The Unpublished FoxConn Story from ESWN

September 26, 2006 at 5:46 am (China, Companies, Economics, Law)

From ESWN

The following is a translation of a blog post by Southern Weekend reporter Fu Jianfeng (傅剑锋).  This is about the FoxConn-versus-China Business News case that Fu and his colleagues were working on, but never go to publish it after a ban was issued on further coverage.  So this is yet another case in which an unpublishable case found itself on the Internet instead, with all sorts of delicious details that could not have been published either.  This is a perfect illustration of how the Internet has transformed China …[more]

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China’s Courts shut their doors

September 17, 2006 at 5:38 pm (China, Law)

China derailed further from an open society by patching up a new rule against media’s access to courts. According to the new rule, national secrets, business secrets and private contents won’t be allowed to be reported. This is a panacea to all unfavorable reports the courts don’t like to see. Since everything can easily fall into the “secrets” and “privacy” catalog, the authorities now have the full liberty to decide what to be public and what not to be.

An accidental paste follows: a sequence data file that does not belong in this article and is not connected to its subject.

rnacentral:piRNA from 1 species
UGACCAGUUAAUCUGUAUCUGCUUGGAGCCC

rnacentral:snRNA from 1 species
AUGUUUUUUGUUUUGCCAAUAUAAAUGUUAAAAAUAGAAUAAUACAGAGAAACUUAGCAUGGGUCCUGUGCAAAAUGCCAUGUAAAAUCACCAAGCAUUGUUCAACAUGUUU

This is a brazen violation of the principles of a modern and public society.

Courts are aimed to serve the public by exerting final and indifferent authorities on issues that the public can’t sort out themselves. Their maintenance is relied solely on public fund. Every tax payer is the stock holder of courts and should be entitled proper rights. In an open society such as the U.S., court materials are open to citizens. Anyone can go to a court to review case documents. The federal courts put documents of every federal case on a public website.

Then you have China, where governments, although also maintained by public fund, hardly share their power with the public, and where the government legitimacy is established on force, rather than on public votes. That’s the fundamental reason why the authorities enjoy freedom to tamper and impose laws and regulations at will to oppress whatever they don’t want to see. And that’s also the fundamental reason why a few months ago the authority decided to force reporters away from reporting disasters.

By shutting their doors, current governments are steering away from the principles of an open and public society.

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